Tag Archives: big tech

Will IoT Upend Insurance? [Hint: NO!]

So many gurus and their ilk are looking for, hoping for, any technology or group of technologies to “disrupt” or otherwise upend the insurance industry. One of the latest hopes for transforming the insurance industry is IoT: the Internet of Things.

Unlike mobility, social media, cloud computing, big data and associated data science-driven analytics, or blockchain, IoT will definitely upend the insurance industry. The IP-enabled sensors will help people stop or reduce losses before they occur or soon after the losses occur. Traditional insurers will run for the hills because their industry will be in shambles. Shambles, I tell you !

Nirvana achieved!

The reality is uglier, of course

There certainly are an expanding number of IoT devices appearing in homes throughout the country. A veritable panoply of devices popping up in the basement, the attic and every room in between. Even the front door bell !

(BTW, is anyone with an IoT door lock looking forward to the day when the cloud service maintaining the door lock goes down? Perhaps when you have bags of groceries in your arms or after a long day at work, and you just want to get into your OWN HOME?)

The reality is a tad uglier, of course, than the gurus tell us, as reality always is. The IoT-laden Pom Pom wavers neglect to pay as much attention to the ugly realities. Don’t you just want to tell them what they can do with their Pom Poms?

Ugly realities of IoT

The panoply of IoT devices is actually an expanding zoo of varied species that are blind to the existence of the other species in the zoo. The IoT devices don’t ‘talk to each other.’ There are no standards, including data standards that would enable the IoT devices to actually be …., well, useful. (Yes, I know that Apple, Amazon and Google are working on this issue – but today’s situation is like cooking some hot dogs and finding out that the mustard is on the shopping list but that none is actually in your refrigerator.)

Beyond not being part of a coherent integrated whole for the homeowner, each of the IoT devices represents a wonderful opportunity for hackers to spy on the family, and the devices create opportunities for distributed denial of service (DDoS) attacks on other targets by using the IoT devices as cyber-zombies or for other sorts of havoc (if the IoT device can alert the homeowner about water leaking, why can’t a hacker cause the IoT device to actually start the water leaking?)

This brings us to another superb attribute of the IoT devices: Their security truly sucks. (That’s the technical term, folks; what can I tell you?) Can you (easily) reset the password on each of your IoT devices? Will the IoT device use two-factor authentication?

See also: Insurance and the Internet of Things  

Big Tech is coming (NOT)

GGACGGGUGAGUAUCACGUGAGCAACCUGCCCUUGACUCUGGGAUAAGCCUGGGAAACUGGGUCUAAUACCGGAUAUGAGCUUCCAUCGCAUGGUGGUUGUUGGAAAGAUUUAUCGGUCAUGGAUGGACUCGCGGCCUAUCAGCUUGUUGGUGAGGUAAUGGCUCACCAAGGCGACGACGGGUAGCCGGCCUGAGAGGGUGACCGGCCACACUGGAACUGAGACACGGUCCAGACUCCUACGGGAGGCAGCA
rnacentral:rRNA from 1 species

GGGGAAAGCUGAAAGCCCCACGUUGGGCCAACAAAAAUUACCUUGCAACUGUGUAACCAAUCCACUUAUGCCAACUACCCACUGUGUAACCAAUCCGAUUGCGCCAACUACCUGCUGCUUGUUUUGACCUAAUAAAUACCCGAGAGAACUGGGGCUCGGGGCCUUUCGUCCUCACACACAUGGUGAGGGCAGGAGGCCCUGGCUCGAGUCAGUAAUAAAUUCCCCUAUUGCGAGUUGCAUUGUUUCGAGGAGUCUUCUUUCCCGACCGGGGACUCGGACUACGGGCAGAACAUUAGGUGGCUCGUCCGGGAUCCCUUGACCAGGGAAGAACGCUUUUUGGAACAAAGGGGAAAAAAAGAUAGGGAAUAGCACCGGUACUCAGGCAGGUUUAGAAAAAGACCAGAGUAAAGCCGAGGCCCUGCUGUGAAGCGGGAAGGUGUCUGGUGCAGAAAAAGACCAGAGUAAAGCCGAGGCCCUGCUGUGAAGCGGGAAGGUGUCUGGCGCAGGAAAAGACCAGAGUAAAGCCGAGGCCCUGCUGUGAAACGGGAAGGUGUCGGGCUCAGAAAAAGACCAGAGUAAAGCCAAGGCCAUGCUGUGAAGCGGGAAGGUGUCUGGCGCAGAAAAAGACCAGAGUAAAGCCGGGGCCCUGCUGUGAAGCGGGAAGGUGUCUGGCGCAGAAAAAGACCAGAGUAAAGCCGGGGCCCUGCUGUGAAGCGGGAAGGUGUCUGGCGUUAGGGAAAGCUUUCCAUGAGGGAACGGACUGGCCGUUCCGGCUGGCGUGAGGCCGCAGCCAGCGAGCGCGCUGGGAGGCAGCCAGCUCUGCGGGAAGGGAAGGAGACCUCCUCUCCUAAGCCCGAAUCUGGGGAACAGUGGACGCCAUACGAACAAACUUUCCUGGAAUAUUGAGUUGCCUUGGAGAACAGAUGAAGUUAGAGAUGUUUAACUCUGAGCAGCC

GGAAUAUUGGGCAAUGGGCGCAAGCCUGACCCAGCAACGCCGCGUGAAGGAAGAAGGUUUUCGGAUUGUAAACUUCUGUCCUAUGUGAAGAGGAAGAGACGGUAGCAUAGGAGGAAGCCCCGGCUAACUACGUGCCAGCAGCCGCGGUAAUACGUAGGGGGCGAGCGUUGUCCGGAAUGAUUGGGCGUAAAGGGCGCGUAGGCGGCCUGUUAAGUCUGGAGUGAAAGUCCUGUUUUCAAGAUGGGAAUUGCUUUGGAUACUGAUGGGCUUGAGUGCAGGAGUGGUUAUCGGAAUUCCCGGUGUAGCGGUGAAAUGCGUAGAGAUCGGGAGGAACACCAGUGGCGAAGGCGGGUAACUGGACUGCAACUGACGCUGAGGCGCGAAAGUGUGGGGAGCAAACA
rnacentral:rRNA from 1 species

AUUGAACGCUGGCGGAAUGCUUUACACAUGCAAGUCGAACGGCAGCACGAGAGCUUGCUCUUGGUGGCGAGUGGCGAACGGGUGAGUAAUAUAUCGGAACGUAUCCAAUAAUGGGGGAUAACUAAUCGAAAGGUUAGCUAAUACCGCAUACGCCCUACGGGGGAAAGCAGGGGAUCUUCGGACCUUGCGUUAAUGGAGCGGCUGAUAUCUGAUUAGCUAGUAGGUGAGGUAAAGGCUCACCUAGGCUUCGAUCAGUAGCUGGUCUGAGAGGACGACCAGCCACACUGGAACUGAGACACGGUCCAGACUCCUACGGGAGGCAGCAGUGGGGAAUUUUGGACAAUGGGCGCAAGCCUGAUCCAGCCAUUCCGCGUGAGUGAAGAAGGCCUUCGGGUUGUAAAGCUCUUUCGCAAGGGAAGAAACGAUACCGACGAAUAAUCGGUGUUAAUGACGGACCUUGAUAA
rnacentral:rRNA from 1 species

But, hey, insurers should still fear the Big Tech companies coming into the loss-prevention space, right?

Why not fear these non-insurance players? Assuming security, privacy and trust become commonplace with each and every IoT device (and how many decades before that happens?), the firms offering loss prevention bundled with the IoT device (i.e.. warranty on steroids) only have to, at a minimum:

  • Augment their devices with networks of vendors that can repair/replace the IoT device OR the appliance itself
  • Ensure the vendors are bonded or have other insurance in case they don’t show up when they say they will or don’t actually do the repair/replace job the homeowner expects
  • Instill confidence in the homeowners that the vendors can be trusted to come into their homes in the first place

I imagine there might be Big Tech or platform players who want to get into the loss-prevention business. (OK, I can’t.) They might erroneously believe that setting up a FAQ web site will do the trick. Have a problem with the IoT device/appliance? Not a problem – click to this FAQ web site. And let us know if the FAQ page(s) were helpful.

Oh, and augment that FAQ web site with voice-recognition units (VRUs) or chatbots that stick to their scripts. Yup, that’s the ticket: Make it hard for someone with a broken IoT device/appliance to actually talk to a human. That will endear the customer to the firms providing the service.

Moreover, I hope that firms realize that if anything goes wrong repairing/replacing the IoT device/appliance, they will be sued. Oh, wait, that’s another opportunity for traditional insurance – these firms will need to purchase liability insurance (drat it all).

Why not upend the insurance industry?

What has the insurance industry ever done except keep society, families, individuals and businesses operating in times of war, famine, plague and recessions?

What a horrendous societal effect: helping clients manage or mitigate risk in a legal, regulatory manner through the centuries of civilization.

See also: Global Trend Map No. 7: Internet of Things  

Don’t insurers realize that an integral part of their value-add is helping VCs and other investors (and conference organizers) to generate revenue off the insurance industry? Why can’t the insurance industry accept that even these human vampires have a right to exist and profit? Oh, why??